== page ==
shannonlgilstad replied on Oct 07, 2013 00:22Reply

@ShannonLGilstad Walking up Bainbridge to our CSA, it always amazed me how much nicer the neighborhood got — starting around Bedford Park.
bruce1971 replied on Oct 07, 2013 00:31

@ShannonLGilstad But even up there, it still had some rough parts. I remember getting harassed by homeless guys north of Moshulu.
bruce1971 replied on Oct 07, 2013 00:32

@bruce1971 Getting an occasional remark is just part of living in NYC. I lived and worked in the South Bronx for years.
shannonlgilstad replied on Oct 07, 2013 00:34

@ShannonLGilstad No, this was a little more than that. In fact, I only had three near-violent run-ins in the entire time I lived there.
bruce1971 replied on Oct 07, 2013 01:00

@ShannonLGilstad One was near Fordham, one was on Oliver Pl and Decatur Ave, and one was at the Lutheran church on 206
bruce1971 replied on Oct 07, 2013 01:03

@ShannonLGilstad I never had a problem in my immediate area. I found that borderline rich/poor neighborhoods were much more dangerous.
bruce1971 replied on Oct 07, 2013 01:06

@bruce1971 Violence is never right. However, after reading the article, my friends & I are shocked that you guys never did any research.
shannonlgilstad replied on Oct 07, 2013 01:13

@ShannonLGilstad We actually did a lot of research. We looked at crime stats, school ratings, commute times, rents, etc.
bruce1971 replied on Oct 07, 2013 01:28

@ShannonLGilstad As I mentioned before, the big bust in the area happened 3 years after we moved in.
bruce1971 replied on Oct 07, 2013 01:29

@ShannonLGilstad In 2007, it was a slightly rough blue collar neighborhood. Post-2009, it got a lot rougher, very quickly.
bruce1971 replied on Oct 07, 2013 01:30

@bruce1971 Um, no. It has been like that since the 70s. It’s a bit presumptuous to make sweeping statements like that.
shannonlgilstad replied on Oct 07, 2013 01:35Reply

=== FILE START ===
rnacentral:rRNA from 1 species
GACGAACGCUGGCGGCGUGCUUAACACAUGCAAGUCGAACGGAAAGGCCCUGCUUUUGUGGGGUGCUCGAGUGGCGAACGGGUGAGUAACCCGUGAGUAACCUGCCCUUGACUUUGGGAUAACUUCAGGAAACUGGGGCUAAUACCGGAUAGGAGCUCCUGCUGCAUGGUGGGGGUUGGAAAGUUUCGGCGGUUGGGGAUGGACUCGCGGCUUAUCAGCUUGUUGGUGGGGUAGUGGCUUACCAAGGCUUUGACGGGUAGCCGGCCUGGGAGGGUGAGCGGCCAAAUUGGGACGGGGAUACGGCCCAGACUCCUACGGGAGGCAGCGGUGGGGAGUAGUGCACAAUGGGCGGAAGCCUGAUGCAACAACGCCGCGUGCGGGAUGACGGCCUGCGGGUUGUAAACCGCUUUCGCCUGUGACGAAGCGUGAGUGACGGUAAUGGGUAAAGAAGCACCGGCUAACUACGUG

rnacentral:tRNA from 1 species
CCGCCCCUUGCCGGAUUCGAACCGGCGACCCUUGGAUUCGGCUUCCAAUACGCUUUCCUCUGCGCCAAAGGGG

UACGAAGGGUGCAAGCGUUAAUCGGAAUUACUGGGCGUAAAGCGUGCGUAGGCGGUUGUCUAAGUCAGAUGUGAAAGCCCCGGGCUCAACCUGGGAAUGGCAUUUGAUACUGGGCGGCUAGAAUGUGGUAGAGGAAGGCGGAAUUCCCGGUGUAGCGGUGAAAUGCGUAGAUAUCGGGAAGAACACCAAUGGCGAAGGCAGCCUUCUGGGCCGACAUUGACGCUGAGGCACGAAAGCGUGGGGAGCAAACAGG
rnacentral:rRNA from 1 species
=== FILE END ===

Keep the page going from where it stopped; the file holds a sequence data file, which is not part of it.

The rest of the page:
@bruce1971 For the most part, save for burglary, most people live there for years untouched. It’s not good, but there are places much worse.
shannonlgilstad replied on Oct 07, 2013 01:37Reply

@ShannonLGilstad I understand the tendency to defend the Bronx. I still do it, and I’ve been out of there for over two years.
bruce1971 replied on Oct 07, 2013 01:52

@ShannonLGilstad There’s a lot to love. But there was a constant, underlying tension in my neighborhood.
bruce1971 replied on Oct 07, 2013 01:53

@ShannonLGilstad If you don’t experience that in Bedford Park in 2013, that’s great, and I’m happy for you. If I hadn’t experienced it…
bruce1971 replied on Oct 07, 2013 01:54Reply

@ShannonLGilstad …every day at 193 and Bainbridge, I would still be living there. Eventually, though, I had to acknowledge that it was…
bruce1971 replied on Oct 07, 2013 01:55Reply

@ShannonLGilstad …not getting better. In fact, it was getting worse. After a few incidents, which I didn’t write about in the NYT piece…
bruce1971 replied on Oct 07, 2013 01:56

@ShannonLGilstad …I realized that, for my family, at least, it was simply time to go.
bruce1971 replied on Oct 07, 2013 01:56

@bruce1971 You are not a person who was stuck living in the ghetto, you made a very conscious choice to move there. @dgbxny @lobojost
shannonlgilstad replied on Oct 07, 2013 01:58

@bruce1971 If you are up for it, my friend is a host of a popular Bronx cable show and would like to possibly interview you.
shannonlgilstad replied on Oct 07, 2013 20:01Reply

@bruce1971 If you are game, inbox me your number and I will pass it on to him.
shannonlgilstad replied on Oct 07, 2013 20:01Reply

@ShannonLGilstad Thanks for the invite. Based on tweets/comments, I have to assume that this wouldn’t be any fun at all. I’ll pass.
bruce1971 replied on Oct 07, 2013 20:51Reply

@ShannonLGilstad Unless, of course, he’s Baron Ambrosia…
bruce1971 replied on Oct 07, 2013 20:51Reply